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28th June 1998

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Front Page
Mirror Magazine

The politics of postponements

All the speculation about this elec tion and that election appears to have been nothing more than a storm in the corridors of power. Both the Government and Opposition tried to show they were ready for elections - but it seems that neither is quite ready for it.

They were just probably playing Bluff in the Card Game of Bridge or playing "Chicken."

In objective terms we need to reflect on some basic questions;

*Does the law provide for a postponement of Provincial polls because it involves the franchise of the people.

*Does the situation make it difficult to provide adequate security for free and fair polls.

Regarding a postponement, it would be prudent for the government to seek the advice of respected lawyers even if they be from outside the Attorney-General's Department.

It is evident that the Government has not been properly or adequately advised on certain legal matters in recent months. The recent Supreme Court decisions regarding the validity of certain inquiries and reports by Special Presidential Commissions prove the point.

As for the security situation it must be known that elections are paramount, we must all agree whatever the position elections are of paramount importance .

To postpone elections on the basis of a grave security situation would be a dangerous precedent.

We have had bad experiences since 1970 where governments have postponed elections on various pretexts.

In 1972 the Sirima Bandaranaike led United Front Government postponed elections by two years after introducing the new Republican Constitution. When the polls were eventually held in 1977, the United Front was swept away in an avalanche.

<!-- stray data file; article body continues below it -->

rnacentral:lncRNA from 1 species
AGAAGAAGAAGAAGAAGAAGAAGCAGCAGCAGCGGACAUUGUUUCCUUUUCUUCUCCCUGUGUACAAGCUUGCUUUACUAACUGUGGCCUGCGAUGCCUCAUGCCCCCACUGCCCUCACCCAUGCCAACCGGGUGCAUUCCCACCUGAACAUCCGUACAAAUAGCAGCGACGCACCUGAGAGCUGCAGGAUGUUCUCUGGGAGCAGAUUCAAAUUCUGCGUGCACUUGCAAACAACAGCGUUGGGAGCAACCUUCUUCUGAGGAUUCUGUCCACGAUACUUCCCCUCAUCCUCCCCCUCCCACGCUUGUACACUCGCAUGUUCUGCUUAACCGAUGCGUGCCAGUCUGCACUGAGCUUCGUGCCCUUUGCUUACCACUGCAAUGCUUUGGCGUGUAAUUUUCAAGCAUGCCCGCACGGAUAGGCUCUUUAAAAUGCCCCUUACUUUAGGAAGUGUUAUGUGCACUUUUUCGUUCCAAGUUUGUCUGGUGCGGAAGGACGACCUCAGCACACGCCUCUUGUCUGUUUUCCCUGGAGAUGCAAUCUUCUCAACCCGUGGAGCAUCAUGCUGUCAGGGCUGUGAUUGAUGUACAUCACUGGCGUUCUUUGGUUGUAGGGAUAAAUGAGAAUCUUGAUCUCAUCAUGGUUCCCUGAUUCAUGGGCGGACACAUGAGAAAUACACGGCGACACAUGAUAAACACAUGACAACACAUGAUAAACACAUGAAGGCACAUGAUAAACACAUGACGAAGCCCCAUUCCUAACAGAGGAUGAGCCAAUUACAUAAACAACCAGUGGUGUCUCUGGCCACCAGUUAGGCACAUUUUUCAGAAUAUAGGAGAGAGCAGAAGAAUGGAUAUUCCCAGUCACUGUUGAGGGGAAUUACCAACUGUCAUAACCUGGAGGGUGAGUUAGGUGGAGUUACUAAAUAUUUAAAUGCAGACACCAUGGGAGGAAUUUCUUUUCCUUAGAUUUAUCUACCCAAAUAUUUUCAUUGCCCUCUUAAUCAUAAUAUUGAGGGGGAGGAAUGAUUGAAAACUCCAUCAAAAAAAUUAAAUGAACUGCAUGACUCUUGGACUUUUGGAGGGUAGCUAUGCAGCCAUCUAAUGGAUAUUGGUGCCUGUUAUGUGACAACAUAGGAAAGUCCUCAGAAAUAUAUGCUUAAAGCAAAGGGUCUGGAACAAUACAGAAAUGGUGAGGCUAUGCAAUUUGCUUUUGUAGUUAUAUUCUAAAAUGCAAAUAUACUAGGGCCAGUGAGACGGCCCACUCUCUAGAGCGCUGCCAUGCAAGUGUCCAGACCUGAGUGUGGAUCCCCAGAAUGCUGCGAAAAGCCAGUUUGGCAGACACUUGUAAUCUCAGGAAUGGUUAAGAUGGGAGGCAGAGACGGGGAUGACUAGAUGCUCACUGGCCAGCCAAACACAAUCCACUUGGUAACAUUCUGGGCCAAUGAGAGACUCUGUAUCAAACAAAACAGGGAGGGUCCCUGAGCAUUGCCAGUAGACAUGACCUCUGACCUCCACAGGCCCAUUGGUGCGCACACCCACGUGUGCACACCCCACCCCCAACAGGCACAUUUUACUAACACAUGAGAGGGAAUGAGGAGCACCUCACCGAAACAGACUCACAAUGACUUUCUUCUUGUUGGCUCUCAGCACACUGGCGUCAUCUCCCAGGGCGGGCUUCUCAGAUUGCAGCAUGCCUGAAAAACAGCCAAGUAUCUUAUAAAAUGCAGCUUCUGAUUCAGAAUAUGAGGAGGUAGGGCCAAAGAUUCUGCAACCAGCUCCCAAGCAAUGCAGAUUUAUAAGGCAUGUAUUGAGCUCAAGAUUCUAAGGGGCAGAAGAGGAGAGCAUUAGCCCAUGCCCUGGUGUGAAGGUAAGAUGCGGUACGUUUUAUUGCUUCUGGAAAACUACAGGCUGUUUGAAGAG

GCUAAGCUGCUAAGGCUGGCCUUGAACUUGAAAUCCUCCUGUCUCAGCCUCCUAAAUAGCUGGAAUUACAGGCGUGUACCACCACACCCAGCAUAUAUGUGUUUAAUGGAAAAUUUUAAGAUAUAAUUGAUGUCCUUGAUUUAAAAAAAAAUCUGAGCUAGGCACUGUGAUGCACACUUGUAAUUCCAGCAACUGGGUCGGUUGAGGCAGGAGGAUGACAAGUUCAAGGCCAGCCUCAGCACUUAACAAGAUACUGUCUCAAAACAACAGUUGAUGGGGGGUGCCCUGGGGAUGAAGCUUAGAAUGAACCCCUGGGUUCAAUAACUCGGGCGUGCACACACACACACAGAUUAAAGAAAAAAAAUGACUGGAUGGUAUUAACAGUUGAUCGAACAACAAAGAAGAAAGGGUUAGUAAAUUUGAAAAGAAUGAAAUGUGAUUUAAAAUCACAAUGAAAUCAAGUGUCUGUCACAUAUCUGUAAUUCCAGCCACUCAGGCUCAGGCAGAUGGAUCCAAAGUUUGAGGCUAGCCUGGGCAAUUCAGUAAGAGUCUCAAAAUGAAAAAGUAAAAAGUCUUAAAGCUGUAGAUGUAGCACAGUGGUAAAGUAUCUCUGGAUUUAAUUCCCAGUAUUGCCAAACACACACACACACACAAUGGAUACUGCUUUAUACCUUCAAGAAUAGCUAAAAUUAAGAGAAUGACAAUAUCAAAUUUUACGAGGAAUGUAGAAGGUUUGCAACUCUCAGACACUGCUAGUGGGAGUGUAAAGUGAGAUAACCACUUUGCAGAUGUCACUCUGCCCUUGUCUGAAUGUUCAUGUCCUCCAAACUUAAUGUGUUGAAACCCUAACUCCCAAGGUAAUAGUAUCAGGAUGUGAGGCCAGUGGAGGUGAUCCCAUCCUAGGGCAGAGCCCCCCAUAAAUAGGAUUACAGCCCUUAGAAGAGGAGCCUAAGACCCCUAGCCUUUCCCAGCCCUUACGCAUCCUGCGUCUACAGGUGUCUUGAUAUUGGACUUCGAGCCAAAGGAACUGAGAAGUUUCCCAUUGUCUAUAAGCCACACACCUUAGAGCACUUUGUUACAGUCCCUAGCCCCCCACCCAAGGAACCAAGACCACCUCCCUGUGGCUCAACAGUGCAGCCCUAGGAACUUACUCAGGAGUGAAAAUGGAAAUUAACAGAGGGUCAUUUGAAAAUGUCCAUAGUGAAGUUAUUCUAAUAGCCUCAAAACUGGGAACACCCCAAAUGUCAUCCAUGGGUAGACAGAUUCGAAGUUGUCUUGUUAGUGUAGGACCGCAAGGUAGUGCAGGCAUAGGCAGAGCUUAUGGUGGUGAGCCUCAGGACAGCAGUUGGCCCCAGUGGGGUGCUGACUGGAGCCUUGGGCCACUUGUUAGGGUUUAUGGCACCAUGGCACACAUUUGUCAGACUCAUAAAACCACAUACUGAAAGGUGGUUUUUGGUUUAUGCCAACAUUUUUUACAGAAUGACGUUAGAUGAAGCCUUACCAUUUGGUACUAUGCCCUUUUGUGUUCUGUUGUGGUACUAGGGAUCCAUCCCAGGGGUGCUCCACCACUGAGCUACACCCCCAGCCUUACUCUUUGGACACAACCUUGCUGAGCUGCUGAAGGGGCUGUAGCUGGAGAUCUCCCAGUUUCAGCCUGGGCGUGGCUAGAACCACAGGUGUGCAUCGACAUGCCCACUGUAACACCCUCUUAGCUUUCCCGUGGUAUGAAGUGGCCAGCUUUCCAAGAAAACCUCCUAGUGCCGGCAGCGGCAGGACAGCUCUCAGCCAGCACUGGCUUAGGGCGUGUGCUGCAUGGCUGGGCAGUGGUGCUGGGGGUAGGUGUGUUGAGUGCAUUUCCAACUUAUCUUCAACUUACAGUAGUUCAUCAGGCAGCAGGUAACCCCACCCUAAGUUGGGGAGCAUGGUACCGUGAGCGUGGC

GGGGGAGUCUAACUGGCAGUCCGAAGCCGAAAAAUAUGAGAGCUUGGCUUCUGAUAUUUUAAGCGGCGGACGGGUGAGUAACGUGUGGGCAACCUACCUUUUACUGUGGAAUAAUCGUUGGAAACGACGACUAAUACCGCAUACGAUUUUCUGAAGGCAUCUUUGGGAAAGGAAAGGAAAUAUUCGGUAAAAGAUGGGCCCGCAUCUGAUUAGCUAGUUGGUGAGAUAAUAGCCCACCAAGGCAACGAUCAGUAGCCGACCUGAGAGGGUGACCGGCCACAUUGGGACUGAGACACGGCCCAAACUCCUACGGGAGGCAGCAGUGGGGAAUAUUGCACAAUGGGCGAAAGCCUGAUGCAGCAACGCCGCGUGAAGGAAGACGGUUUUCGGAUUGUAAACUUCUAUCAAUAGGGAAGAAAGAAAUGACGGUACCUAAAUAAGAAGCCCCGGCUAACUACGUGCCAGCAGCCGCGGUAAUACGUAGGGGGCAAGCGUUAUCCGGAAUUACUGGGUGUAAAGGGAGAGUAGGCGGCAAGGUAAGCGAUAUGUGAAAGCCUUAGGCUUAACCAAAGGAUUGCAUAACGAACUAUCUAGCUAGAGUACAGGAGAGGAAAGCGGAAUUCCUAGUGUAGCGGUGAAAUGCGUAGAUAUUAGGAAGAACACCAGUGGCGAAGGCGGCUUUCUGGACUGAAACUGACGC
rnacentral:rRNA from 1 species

In 1982 President Jayewardene master minded a legal though a morally illegitimate referendum through which he got an extra term for his steam rolling 5/6th majority in Parliament.

All his problems and the country's problems started in 1983- partly for reasons connected to that unjust postponement of General Elections.

So it is clear that tinkering with the Constitution with clever legal arguments will only undo the parties that indulge in it. It is evident that Provincial Councils are not the best form of administrative bodies for devolution of power.

They were created mainly to resolve the so-called ethnic problem in 1987 in the North and East.

Now they function - at great cost to the public - everywhere except the North and East. We must either scrap PCs - or go ahead with the scheduled elections to them.

Having Provincial Councils sans elections is a meaningless exercise. This then would be an opportune moment for both the Government and the Opposition to reflect on the very existence and the future of Provincial Councils as they exist today. For whom do they exist?

Are they to be mere pocket boroughs for rural politicians to run around in Pajeros doing little besides duplicating the bureaucracy of government. Do they exist merely to gauge national opinion through a mid term poll as was seen in by-elections before 1977.

Or are we to seriously consider whether Provincial Councils by themselves are really worth their existence as instruments of devolved power.

Rather than treat them as an answer to the so-called ethnic problem, should we not formulate a new system of devolution on administrative and economic lines rather than on ethnic lines - for the betterment of a United Sri Lanka?

While the politicians prepare to hit the campaign trail hurling not only insults but probably bombs at each other spare a thought for the Provincial Council system.

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